Elk Hunting 101

Posted by  Thursday, October 11 2012 9:45 am
Published in Blogs > In the Field > Hunting > Elk Hunting

elk streamIf you are a first-time elk hunter, follow these guidelines carefully to have a successful hunt.


Plan Ahead

This is not to be taken lightly.


Health is first and foremost: Get in shape, pack plenty of water for the trip and beware of altitude sickness.


Recognize that Bass Pro will not be a 20-minute drive from elk camp, so you need to have everything with you might want or need. I generally pack the weekend before the hunt. I first make my entire list and lay everything out by the list, prior to packing. Then as I pack I check it off my list. Remember all you have invested, take the extra time, and don’t leave it to chance.


Prepare for the Worst

From the moment I leave the truck, I wear my emergency fanny pack.


One time, my hunting party was camping four hours back into a wilderness area. When we arrived back at camp one evening after hunting, we had a man greeting us in the dark. After talking to him for a moment, he told us he was completely lost. He had nothing: no food, water, matches, emergency sleeping bag, flashlight, water tablets or compass. So this is the short list of what I carry all the time, along with a whistle and hand flares. It all weighs less than a pound, but can be a life saver.


What if that guy had not found our camp, or it had rained, or the temperature had plummeted? He would have been in dangerous trouble.


Be Safe!


Educate Yourself on Calling


Calling is probably my favorite part in elk hunting.


These huge animals can — and do — verbally interact with us. It is up to you to know what you are saying and meaning, and to recognize what the elk are saying in their response.


Just making noise will absolutely not cut it. To me, it is an adrenaline-packed strategy game that can leave me flying high in the clouds, or leave me completely down in the dumps.


There are two basic calling strategies: 1) bugling and other bull-related calls and 2) cow calling.

I use bugling 80 percent of the time just as a locator call. I call strategically when the weather is good, when I see hot sign or when the area is prime with food, water or cover. If the area is void of sign or necessities, I will usually not call and keep moving.


There are times when you can bugle in a bull. However, it is usually easier to call in a bull once you have closed the distance with cow calling. I mean, the cow is the ultimate prize for a bull. So give him what he wants. The worst thing anyone can do is calling too much. Animals are just not near as vocal as humans.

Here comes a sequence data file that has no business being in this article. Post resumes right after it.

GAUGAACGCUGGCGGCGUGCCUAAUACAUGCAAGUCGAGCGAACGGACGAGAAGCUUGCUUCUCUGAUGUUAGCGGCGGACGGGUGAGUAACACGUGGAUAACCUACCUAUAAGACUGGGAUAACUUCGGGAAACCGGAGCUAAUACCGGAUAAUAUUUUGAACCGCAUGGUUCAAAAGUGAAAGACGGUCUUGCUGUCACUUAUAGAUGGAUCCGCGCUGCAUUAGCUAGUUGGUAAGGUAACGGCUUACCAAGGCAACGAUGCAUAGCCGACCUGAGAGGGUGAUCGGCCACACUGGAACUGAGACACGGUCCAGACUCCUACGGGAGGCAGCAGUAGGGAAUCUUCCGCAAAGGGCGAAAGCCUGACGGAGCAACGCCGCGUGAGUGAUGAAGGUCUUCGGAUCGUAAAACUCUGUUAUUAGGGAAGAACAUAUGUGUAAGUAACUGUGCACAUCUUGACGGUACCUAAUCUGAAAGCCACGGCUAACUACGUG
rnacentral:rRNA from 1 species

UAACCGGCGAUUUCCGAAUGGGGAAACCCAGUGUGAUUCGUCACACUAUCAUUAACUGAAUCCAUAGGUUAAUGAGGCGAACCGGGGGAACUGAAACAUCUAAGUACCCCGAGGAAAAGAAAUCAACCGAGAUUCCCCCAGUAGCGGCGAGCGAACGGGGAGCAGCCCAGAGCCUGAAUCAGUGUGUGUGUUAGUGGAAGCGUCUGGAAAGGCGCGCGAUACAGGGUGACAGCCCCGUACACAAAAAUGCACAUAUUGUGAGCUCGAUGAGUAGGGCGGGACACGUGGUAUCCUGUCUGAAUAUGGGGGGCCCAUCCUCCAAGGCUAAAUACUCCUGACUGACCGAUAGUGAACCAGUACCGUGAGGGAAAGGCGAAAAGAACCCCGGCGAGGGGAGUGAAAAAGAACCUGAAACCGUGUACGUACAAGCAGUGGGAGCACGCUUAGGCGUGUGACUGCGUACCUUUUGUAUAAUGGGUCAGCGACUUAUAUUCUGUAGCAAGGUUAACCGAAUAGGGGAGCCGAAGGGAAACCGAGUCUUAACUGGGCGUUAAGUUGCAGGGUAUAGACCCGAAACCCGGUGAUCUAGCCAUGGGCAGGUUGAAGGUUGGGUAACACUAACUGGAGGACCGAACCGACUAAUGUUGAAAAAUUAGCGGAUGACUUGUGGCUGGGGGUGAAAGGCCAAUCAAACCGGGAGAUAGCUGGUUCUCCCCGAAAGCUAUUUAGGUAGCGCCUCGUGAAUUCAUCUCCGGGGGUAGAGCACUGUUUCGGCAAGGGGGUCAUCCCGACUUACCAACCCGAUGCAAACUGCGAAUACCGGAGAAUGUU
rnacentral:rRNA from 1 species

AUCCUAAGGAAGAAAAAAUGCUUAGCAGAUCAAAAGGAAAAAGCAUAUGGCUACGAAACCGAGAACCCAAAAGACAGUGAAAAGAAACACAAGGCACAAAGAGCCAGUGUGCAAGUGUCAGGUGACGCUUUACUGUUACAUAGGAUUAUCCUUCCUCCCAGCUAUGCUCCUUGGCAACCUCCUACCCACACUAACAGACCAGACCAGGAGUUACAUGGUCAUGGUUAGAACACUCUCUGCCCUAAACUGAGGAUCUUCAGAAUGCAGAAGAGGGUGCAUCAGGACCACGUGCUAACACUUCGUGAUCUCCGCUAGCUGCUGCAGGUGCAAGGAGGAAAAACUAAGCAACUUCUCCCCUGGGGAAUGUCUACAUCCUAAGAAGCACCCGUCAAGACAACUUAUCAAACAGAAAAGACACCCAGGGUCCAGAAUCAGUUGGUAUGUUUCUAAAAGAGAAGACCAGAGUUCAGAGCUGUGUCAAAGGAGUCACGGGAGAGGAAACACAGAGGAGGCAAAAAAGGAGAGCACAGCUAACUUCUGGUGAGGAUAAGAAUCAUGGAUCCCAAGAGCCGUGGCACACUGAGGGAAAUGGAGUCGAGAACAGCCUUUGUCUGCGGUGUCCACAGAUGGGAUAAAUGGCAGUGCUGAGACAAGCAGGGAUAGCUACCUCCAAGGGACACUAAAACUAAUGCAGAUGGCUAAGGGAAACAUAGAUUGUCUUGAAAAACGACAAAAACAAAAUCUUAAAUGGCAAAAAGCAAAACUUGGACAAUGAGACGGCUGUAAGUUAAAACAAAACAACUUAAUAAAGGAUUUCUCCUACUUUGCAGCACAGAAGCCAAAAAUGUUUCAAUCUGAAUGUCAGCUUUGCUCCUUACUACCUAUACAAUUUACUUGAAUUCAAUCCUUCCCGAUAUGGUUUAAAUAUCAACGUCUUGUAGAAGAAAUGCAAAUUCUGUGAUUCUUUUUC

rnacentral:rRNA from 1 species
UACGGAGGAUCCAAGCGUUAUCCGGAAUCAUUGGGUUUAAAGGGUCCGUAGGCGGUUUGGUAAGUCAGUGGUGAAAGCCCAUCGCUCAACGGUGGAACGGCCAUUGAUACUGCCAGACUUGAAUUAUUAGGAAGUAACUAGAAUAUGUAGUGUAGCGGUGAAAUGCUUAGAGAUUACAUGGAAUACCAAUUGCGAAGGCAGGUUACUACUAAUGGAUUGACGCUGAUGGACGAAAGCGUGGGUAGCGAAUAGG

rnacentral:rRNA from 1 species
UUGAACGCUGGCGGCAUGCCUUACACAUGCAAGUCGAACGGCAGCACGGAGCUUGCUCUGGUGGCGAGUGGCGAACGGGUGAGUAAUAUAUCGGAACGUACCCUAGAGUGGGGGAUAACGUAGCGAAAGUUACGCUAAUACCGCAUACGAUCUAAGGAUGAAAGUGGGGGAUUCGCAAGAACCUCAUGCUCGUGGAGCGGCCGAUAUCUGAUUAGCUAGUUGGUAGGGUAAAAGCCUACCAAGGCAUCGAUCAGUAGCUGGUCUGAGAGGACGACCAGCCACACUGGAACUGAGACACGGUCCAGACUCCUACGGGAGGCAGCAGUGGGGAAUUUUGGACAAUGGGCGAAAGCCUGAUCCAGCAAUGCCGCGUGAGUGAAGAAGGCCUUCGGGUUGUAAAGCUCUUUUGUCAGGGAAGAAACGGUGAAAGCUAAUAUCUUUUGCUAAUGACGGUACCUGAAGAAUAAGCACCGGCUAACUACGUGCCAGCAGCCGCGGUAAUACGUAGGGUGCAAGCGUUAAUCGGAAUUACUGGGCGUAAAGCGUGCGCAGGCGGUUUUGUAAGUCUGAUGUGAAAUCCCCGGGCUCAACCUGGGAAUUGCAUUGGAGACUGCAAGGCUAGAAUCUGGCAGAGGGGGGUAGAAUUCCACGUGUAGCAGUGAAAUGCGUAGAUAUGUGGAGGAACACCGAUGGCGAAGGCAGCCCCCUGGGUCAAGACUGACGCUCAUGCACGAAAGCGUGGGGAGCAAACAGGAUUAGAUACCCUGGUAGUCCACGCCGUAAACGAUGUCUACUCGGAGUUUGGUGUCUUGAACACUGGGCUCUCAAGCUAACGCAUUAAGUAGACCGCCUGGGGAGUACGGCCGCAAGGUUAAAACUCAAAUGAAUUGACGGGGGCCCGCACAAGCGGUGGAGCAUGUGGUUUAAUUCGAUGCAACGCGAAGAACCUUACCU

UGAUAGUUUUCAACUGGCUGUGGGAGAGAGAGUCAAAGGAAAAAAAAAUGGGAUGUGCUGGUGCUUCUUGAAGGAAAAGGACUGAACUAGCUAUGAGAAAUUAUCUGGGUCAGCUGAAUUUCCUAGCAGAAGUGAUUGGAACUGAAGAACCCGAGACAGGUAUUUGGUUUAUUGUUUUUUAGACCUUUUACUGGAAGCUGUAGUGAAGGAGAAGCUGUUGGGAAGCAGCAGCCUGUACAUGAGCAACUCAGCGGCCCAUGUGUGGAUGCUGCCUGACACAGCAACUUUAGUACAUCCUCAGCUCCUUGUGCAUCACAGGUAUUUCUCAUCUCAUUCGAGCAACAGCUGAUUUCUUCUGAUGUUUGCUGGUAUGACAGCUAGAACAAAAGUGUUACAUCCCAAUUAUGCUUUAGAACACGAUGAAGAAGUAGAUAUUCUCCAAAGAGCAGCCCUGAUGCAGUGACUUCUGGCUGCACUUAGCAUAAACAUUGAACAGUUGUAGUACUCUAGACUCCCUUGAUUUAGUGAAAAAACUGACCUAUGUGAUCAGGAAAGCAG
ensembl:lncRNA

Enjoy your hunt!


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Last modified on Tuesday, October 08 2013 11:02 am
Barry Lockhart

Home: Sand Springs, Oklahoma
(daughters) Hollie, Hannah, Heather
Hunting, Fishing, Bicycling, Hiking, Golf
Rifle: Weatherby 300 WSM synthetic/ss, Shotgun: Remington 12ga, Benelli 20ga, Bow: Redhead XP-35 60-70 lbs with mussy broadheads


Hunting Stuff


Years Hunting: 36 years
Favorite Technique:
Bow hunting love the face to face experience
Hunting Strength:
Patience, strategies, preparation, calling
Favorite Game to Hunt
Elk followed by turkeys, enjoy the run and gun style with the calling of both species
Favorite Hunting Gear:
All my calls, you can never have too many calls or guns
Favorite Places to Hunt: Elk-Colorado, Turkey-Oklahoma, love Alaska just a little far for weekend hunting
Favorite Season to Hunt: What's not to love about every season
Favorite Time to Hunt: Definitely the morning when the woods are coming alive
Favorite Way to Hunt: Most definitely running and gunning, but I will incorporate tree stands or blinds, depending on the need


Career Highlights

Biggest Kill: An Alaskan Mountain Goat killed in November (what a COAT)
Greatest Hunting Achievement:
My first backpacking do it yourself Elk harvest with a bow
Favorite Hunting Moment:
Seeing kids kill their first turkey

I've harvested elk, deer (whitetail and muley), antelope, black bear, mountain goat, hogs, turkey, pheasant, quail, ducks, geese and rattlesnakes. I have hunted in Oklahoma, Missouri, Colorado, Kansas, Arkansas, New Mexico, Texas, Wyoming, Alaska and Iowa.

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  • Guest

    Guest (BigBassBob)

    Always looking for good tips on Elk hunting.Thanks

  • Guest

    Guest (Huntin Hank)

    All things one should know about before hunting elk